One of the most fascinating items in the photo archive is the logbook which records when items were purchased or donated and from where. The logbook begins in 1969 with 36,207 photographs already in the collection. It ends, perhaps surprisingly late, in 1998, with 109,005 items recorded. The highest number of acquisitions came in 1972-3 when 5,841 photographs were added, through purchases, exchanges and donations. The majority came from Western Europe and North America, with occasional additions from Central/Eastern Europe, the former Soviet Union and Australia. Somewhat frustratingly, a column was only added in 1988 to list the subject of the photographs. So the logbook tells us more about where items came from and when they arrived than what they are of. A column for cost was added in April 1970. At first it was ‘approximate’ cost and not every item had a known cost attached to it. The costs were not added up and at first were only listed in the currencies in which they were bought before sterling exchange values were added. The logbook illustrates when Britain went decimal as until March 1971 the amounts were given in pre-decimal currency, and thereafter in decimal currency. As a handwritten document, the logbook is also indicative of changing staff in the department, evidenced by a wide variety of handwriting. Thus the logbook is a valuable document in itself, a mutable and inconsistent document that demonstrates regular changes in the photo archive in relation to the art historical context in which it evolved.
There is a temptation to explore the logbook on an increasingly micro level: Who ordered these photographs? For what purpose? Teaching or research? At the same time, the macro level always frames the contents, setting them in their wider art historical perspective. Recent blogs on this site have noted the links between photography and art history as an academic discipline. With both developing in the second half of the nineteenth century, these links are extensive and complex. As André Malraux wrote in Le museé imaginaire, ever since the mid-nineteenth century ‘art history has been the history of that which can be photographed’. The photograph confirms the existence of something and makes it a potential object of study in an age of mechanical reproduction. Virtual accessibility, through a reproduction, has amplified the value of many works of art. Items that are made widely available and reproduced on, for example, book covers, tend to increase in significance. The viewer assumes, this must be important if it is reproduced on the cover of a book. The photo archives are particularly interesting in both reconfirming established figures in traditional art history (the largest number of boxes are of works by Michelangelo) while, at the same time, providing evidence of lesser known artists, whose names are not as familiar in the public domain. Many photographs originate from private collections and provide evidence of works that are not reproduced elsewhere. While the contents of the photo archives confirm more canons than they challenge, they provide evidence of the overlooked and undervalued too.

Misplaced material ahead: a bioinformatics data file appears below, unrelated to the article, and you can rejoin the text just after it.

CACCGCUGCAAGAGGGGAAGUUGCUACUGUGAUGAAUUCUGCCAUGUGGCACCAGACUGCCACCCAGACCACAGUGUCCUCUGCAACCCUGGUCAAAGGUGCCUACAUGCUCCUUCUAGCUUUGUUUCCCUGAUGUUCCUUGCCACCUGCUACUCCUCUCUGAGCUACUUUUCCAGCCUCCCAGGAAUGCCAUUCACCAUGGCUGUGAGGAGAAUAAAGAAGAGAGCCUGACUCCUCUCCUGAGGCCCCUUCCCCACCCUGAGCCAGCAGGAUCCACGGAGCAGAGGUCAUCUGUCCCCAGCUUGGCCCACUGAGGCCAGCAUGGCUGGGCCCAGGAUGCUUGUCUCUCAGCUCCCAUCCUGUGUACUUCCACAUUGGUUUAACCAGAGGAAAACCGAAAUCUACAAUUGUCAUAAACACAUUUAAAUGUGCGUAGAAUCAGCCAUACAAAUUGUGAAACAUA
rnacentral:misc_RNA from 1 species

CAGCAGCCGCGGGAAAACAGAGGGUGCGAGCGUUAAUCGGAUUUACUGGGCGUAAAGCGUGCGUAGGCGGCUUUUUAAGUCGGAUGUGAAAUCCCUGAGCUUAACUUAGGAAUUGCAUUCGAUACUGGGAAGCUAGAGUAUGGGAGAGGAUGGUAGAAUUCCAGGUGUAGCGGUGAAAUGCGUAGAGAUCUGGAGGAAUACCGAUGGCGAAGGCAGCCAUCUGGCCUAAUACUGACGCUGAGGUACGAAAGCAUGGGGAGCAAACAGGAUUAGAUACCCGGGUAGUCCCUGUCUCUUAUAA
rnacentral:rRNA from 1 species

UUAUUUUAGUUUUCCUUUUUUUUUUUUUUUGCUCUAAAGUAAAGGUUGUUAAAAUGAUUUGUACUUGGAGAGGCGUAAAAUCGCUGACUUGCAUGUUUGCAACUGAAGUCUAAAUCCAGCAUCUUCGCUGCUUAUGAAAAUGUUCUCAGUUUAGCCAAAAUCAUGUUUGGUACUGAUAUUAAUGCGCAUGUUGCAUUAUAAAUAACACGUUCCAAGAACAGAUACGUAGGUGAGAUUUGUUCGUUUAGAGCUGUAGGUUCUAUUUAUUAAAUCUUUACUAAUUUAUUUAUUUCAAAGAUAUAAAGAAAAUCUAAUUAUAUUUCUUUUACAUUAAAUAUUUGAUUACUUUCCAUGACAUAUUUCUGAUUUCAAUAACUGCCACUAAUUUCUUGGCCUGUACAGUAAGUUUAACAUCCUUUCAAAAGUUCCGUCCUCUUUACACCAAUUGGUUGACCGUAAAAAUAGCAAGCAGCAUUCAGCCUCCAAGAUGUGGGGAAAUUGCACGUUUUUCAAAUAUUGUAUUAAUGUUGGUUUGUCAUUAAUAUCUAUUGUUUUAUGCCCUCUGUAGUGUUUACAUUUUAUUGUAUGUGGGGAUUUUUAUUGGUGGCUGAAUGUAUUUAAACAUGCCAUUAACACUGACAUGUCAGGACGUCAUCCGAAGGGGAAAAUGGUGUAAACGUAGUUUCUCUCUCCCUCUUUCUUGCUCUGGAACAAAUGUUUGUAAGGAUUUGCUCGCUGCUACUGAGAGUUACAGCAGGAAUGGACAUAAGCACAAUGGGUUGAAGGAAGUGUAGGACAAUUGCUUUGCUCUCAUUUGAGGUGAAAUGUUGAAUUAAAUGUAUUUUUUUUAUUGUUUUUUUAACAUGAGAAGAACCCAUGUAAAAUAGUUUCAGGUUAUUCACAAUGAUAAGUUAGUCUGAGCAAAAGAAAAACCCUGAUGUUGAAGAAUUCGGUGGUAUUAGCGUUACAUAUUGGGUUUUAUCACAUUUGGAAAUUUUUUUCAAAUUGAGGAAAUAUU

Some of the most significant research in this area has been led by Dr Costanza Caraffa of the Photothek at the Kunsthistorishes Institut, Florence which launched an ongoing initiative on ‘Photo Archives’ in 2009, resulting in an ongoing series of conferences and publications. My project draws on this valuable material to set the case study in Oxford in relation to comparable photo archives in Florence (at the KHI as well as the Villa I Tatti), the Courtauld Institute (London), the Frick Collection (New York) the Getty Research Institute (Los Angeles), and elsewhere.
Deborah Schultz is a Senior Lecturer in Art History at Regent’s University London and an Academic Visitor in the History of Art Department, University of Oxford.